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Practices and Perceptions of Animal Contact and Associated Health Outcomes in Pregnant Women and New Mothers

By Hsin-Yi Weng, Kimberly Ankrom

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Category Journal Articles

Companion animals play an important role in our society. However, pregnant women and new mothers might have specific concerns about animal-associated health outcomes because of their altered immune function and posture as well as their newborn babies. The study was conducted to collect baseline data for developing an evidence-based intervention for pregnant women and new mothers to help them adopt certain behaviors to prevent adverse animal-associated health outcomes. A survey, using the Health Belief Model as the theoretical framework, was developed and administered to 326 women attending the Women, Infants, and Children programs in Illinois and Indiana in 2015. Prevalence of dog and cat ownership was estimated to be 39% (95% CI: 33–45%) and 26% (95% CI: 21–31%), respectively. Regardless of pet ownership, 74% of the respondents reported having some type of animal contact in the past month. Pregnancy or the birth of a child altered some animal contact practices among the study participants; particularly a discontinuation or decrease in cleaning cat litter boxes. Reports of diseases contracted from animals were low (4%) in this study. By contrast, animal-associated injuries were prevalent (42%), and the majority were caused by animals the respondents owned (56%). Overall, respondents indicated that they appreciated the benefits of a program addressing animal-associated health outcomes and did not indicate strong resistance to adopt certain behaviors. The majority recognized human health-care providers as a source of information about animal contact and associated health outcomes but less frequently identified veterinarians as a source for such information. In addition, although most of the respondents felt that health-care providers and veterinarians should initiate discussions about preventing animal-associated illness and injuries, only 41% among those who had visited doctors or prenatal care services reported that their health-care providers discussed these issues with them. The results indicate the importance of an intervention concerning animal contact and associated health outcomes for the target population and provide insights to the potential implications of program implementation.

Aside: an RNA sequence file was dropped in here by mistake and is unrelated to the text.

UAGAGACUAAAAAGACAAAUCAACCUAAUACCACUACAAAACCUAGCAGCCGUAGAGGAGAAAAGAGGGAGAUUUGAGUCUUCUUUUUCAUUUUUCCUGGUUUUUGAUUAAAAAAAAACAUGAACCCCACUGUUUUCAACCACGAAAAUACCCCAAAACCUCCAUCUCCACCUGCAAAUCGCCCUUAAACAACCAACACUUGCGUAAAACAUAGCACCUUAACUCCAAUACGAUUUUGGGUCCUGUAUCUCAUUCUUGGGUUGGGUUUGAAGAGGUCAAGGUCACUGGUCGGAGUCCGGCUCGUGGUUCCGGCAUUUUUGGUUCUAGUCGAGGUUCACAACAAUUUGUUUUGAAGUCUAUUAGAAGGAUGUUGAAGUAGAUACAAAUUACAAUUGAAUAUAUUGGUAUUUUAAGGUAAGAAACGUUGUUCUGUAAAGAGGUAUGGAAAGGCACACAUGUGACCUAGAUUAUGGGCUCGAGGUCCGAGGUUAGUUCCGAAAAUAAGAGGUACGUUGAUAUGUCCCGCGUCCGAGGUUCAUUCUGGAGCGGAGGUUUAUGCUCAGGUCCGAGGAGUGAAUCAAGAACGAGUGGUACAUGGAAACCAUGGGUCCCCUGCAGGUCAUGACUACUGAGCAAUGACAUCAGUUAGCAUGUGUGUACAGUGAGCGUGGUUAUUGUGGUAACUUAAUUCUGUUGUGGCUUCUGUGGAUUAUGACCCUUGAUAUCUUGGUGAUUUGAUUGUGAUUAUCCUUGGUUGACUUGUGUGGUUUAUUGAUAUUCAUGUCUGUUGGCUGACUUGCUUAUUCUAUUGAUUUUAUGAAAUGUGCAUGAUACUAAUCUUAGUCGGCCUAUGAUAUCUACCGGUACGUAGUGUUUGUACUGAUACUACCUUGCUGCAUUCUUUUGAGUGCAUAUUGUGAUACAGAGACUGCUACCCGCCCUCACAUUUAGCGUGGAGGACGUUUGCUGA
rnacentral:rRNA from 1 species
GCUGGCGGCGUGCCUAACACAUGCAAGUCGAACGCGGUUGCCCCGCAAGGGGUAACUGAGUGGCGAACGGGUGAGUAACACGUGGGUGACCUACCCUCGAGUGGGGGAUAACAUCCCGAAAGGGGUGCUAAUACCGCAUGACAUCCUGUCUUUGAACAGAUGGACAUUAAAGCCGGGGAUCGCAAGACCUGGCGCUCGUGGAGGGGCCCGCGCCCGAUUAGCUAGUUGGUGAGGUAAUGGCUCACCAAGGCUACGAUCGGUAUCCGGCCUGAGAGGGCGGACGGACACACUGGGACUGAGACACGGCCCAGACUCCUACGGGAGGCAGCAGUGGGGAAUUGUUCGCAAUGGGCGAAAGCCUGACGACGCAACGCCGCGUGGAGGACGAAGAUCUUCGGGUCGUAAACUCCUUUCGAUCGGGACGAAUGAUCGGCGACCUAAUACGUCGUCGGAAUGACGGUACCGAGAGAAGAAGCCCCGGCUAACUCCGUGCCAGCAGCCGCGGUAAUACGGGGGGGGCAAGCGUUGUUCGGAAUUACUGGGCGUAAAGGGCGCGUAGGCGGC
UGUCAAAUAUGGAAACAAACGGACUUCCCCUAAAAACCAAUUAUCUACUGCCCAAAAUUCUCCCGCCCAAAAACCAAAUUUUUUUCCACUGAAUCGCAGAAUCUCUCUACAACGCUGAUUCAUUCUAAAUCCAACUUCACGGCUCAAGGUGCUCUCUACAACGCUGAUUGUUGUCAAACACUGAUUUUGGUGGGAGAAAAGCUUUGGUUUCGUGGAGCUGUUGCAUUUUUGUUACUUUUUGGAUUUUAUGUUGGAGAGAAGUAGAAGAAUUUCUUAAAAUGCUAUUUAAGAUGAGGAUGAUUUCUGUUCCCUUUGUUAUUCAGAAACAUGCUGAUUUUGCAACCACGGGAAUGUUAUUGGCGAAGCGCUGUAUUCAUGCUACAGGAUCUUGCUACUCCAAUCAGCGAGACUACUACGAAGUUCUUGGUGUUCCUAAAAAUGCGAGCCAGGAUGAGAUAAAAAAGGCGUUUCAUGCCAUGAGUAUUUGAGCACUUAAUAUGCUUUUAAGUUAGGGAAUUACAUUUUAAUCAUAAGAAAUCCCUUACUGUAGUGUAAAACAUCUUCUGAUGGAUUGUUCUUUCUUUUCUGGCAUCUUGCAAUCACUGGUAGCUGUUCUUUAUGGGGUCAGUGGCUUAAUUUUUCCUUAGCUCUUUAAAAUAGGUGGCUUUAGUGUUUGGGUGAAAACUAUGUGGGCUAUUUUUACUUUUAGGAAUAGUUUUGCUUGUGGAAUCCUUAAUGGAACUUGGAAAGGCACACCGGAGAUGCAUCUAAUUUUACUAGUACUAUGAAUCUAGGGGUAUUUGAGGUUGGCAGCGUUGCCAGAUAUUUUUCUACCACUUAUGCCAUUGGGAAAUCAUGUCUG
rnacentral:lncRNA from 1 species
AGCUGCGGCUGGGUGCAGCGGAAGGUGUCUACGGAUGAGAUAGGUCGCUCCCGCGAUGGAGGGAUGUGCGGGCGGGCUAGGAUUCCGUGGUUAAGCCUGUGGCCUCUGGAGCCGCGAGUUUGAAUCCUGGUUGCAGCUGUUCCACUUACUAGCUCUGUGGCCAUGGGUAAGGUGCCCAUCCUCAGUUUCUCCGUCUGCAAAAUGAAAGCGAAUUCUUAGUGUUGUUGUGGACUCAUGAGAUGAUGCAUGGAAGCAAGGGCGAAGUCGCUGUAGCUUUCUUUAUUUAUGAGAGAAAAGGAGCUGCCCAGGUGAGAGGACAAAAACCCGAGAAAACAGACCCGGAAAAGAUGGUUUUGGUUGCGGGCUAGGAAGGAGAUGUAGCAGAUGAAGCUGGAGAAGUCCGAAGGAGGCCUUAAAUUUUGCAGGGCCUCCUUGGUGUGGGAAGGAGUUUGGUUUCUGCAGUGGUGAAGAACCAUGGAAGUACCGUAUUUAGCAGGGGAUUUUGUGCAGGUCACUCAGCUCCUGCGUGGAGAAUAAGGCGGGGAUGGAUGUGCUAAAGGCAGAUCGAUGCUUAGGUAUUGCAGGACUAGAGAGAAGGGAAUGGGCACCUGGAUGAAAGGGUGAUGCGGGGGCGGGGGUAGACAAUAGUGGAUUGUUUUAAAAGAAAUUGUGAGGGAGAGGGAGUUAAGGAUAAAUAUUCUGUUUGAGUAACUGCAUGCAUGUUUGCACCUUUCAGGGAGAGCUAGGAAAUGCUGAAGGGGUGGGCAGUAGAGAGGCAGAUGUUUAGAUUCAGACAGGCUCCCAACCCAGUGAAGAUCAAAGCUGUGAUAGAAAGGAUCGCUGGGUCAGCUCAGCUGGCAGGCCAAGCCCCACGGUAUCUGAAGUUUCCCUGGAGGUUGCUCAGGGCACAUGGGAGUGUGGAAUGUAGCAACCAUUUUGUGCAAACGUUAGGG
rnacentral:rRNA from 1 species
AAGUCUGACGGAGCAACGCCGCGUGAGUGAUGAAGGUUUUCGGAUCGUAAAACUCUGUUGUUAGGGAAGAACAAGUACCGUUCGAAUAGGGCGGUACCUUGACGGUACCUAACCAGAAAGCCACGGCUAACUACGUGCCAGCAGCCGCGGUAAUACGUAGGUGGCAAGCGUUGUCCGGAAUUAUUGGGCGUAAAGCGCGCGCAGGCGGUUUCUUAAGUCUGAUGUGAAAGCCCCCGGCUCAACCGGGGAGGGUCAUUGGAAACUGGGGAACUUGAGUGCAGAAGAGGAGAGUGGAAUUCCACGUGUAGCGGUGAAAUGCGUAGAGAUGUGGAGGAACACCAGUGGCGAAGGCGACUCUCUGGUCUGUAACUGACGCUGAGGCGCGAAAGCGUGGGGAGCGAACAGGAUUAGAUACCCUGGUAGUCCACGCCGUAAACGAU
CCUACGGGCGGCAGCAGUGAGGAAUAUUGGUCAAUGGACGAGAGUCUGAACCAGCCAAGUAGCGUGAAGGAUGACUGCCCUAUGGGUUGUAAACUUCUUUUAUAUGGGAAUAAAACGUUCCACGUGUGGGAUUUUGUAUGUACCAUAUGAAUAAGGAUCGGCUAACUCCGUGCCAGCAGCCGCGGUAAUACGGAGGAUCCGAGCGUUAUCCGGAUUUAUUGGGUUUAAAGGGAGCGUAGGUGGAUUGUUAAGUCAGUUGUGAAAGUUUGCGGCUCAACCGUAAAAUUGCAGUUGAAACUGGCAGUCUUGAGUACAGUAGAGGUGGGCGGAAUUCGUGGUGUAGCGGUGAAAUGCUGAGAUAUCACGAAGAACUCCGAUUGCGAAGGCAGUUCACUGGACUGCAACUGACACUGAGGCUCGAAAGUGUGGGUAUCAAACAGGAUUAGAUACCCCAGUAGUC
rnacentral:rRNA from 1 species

Mason N McLary

HABRI Central

Publication Title Frontiers in Veterinary Science
Volume 3
Issue 5
Publisher Frontiers
DOI 10.3389/fvets.2016.00005
Cite this work

Researchers should cite this work as follows:

  • Hsin-Yi Weng; Kimberly Ankrom (2017), "Practices and Perceptions of Animal Contact and Associated Health Outcomes in Pregnant Women and New Mothers,"

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  1. Animal-assisted activities
  2. Animal-assisted therapies
  3. Animal behavior
  4. Animal roles
  5. Animals in culture
  6. Anthrozoology
  7. APEC countries
  8. Attitudes
  9. Behavioral research
  10. Behavior and behavior mechanisms
  11. Belief
  12. Business
  13. Children
  14. Corn
  15. Countries
  16. Developed countries
  17. Diseases and injuries of animals
  18. Economics
  19. Health
  20. Health care
  21. Health services
  22. Human-animal interactions
  23. Humans
  24. Human sexual and reproductive health
  25. Hygiene
  26. Illinois
  27. Incidence
  28. Indiana
  29. Infants
  30. Infectious diseases
  31. Injuries
  32. Mammals
  33. Men
  34. models
  35. mothers
  36. neonates
  37. North America
  38. OECD countries
  39. open access
  40. Parasites
  41. Parasitology
  42. pathology
  43. Pet ownership
  44. Pets and companion animals
  45. Physical environment
  46. physicians
  47. pregnancy
  48. Primates
  49. Psychiatry and psychology
  50. Relationships
  51. Reproduction
  52. services
  53. Social psychology and social anthropology
  54. trauma
  55. United States of America
  56. vertebrates
  57. Veterinarians
  58. Veterinary sciences
  59. Wild animals
  60. Women
  61. Zoology
  62. Zoonoses
  1. open access